Thursday, 28 February 2019

Edward II - Sam Wanamaker Playhouse

From an Assyrian King to an English one, and from history to drama.. 

After visiting the British Museum, I went to the Sam Wanamaker Playhouse, to see Kit Marlowe's  Edward II. 

It is  famous for being (probably) the earliest play in English featuring a homosexual relationship, and was first performed in 1592. It is, as you might guess from the title, a history play, about King Edward II, who reigned from 1307-1327, and (at least according to the play) was murdered by way of a red hot poker .

In this production, Edward is played by  Tom Stuart, and Gaveston by Beru Tessema.

Edward comes across as a man out of his depth, overshadowed by his late father, insecure, but  ill-advisedly stubborn, even pig-headed, when pushed..  

It is interesting that the focus of the other characters anger against Gaveston is focused less on the fact that he is the King's lover, and more upon Gaveston's  birth (he is not a member of the nobility, and the King's choices to grant him lands and titles offends them ) and the King's extravagance. Indeed, one of the nobles (Mortimer,I think) makes it explicitly clear that the King having favourites, or lovers, isn't in itself the problem.

Sam Wanamaker Playhouse stage
There are very strong performances from Edward and Gaveston,  and I enjoyed the nobles, too.Well worth seeing. Even if you do get your toes trodden on by the occasional actor! 

Sunday, 24 February 2019

I am Ashurbanipal: king of the world, king of Assyria - British Museum

 "King Ashurbanipal of Assyria (r. 669–c. 631 BC) was the most powerful man on earth. He described himself in inscriptions as ‘king of the world’, and his reign from the city of Nineveh (now in northern Iraq) marked the high point of the Assyrian empire, which stretched from the shores of the eastern Mediterranean to the mountains of western Iran."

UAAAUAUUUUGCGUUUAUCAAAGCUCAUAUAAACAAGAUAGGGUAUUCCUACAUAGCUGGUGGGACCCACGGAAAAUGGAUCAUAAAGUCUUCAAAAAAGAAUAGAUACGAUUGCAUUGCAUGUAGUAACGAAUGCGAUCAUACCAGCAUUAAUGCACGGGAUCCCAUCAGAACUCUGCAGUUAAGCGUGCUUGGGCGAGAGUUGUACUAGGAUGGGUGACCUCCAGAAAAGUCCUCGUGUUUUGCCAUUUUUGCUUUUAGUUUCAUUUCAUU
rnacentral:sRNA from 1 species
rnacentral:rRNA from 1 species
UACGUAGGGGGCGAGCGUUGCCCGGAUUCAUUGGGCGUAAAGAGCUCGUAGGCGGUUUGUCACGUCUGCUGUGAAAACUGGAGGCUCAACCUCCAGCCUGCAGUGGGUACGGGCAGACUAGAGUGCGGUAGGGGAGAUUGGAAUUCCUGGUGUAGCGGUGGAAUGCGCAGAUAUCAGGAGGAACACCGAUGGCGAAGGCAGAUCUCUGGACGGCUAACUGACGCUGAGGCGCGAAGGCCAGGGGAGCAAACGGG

Is the way the British Museum introduces it's exhibition about Ashurbanipal. I thought it looked interesting when I first saw it advertised, and although it has been running since November, didn't make it until last weekend, which was a week before it closes.Which may be why it was so busy, both the museum as a whole, and the exhibition. Indeed, outside there were queues down the street and round the corner! 

However, once in, I enjoyed the exhibition. Quite a lot of what is in the exhibition is from the museum's own collection although there are other items as well, and it's all been brought together and arranged more or less chronologically, based on the life and reign of King Ashurbanipal.   

Assyrian stone relief showing lion headed man
Guardian Spirit

We start with guardian spirits, Lion headed men, with eagles feet (which seems a little ungainly, but they're not my supernatural beings)

There are lots of big, stone reliefs, depicting scenes from Assyrian (Court) life, and from the life and reign of King Ashurbanipal. 

King Ashurbainpal catching a lion by the tail
This included a large frieze, depicting a royal lion hunt, including lions being released from cages, and the king grabbing one by the tail!  

Assyrian stone frieze showing battle scene
Battle Scene

Assyrian stone relief showing soldiers on Camels firing arrows

There are also lots of battle scenes, including one with some rather nice camels, and a less pleasant one with scenes of the Assyrians stacking, and cataloguing bows, quivers,and severed heads . . . 

Assyrian stone frieze showing scribes making lists of bows and severed heads

 There were also, as well as the various friezes, other artefacts - little sections of painted wall, the remains of pieces of furniture,   and ceramics.

fragment of painted plaster showing a horse or mule
Painted plaster
The exhibition had a small section relating to cultural cross overs between the Assyrians ad other societies such as the Greeks and Etruscans, and the Egyptians.  

There were, of course, also lots of writings.  King Ashurbanipal created a huge library, and as the Assyrians used clay tablets, when the library was destroyed by fire, these were baked, and  survived, where the papyrus and wax documents which were also common were destroyed.    
small clay tablet with cuniform writing
Letter and Envelope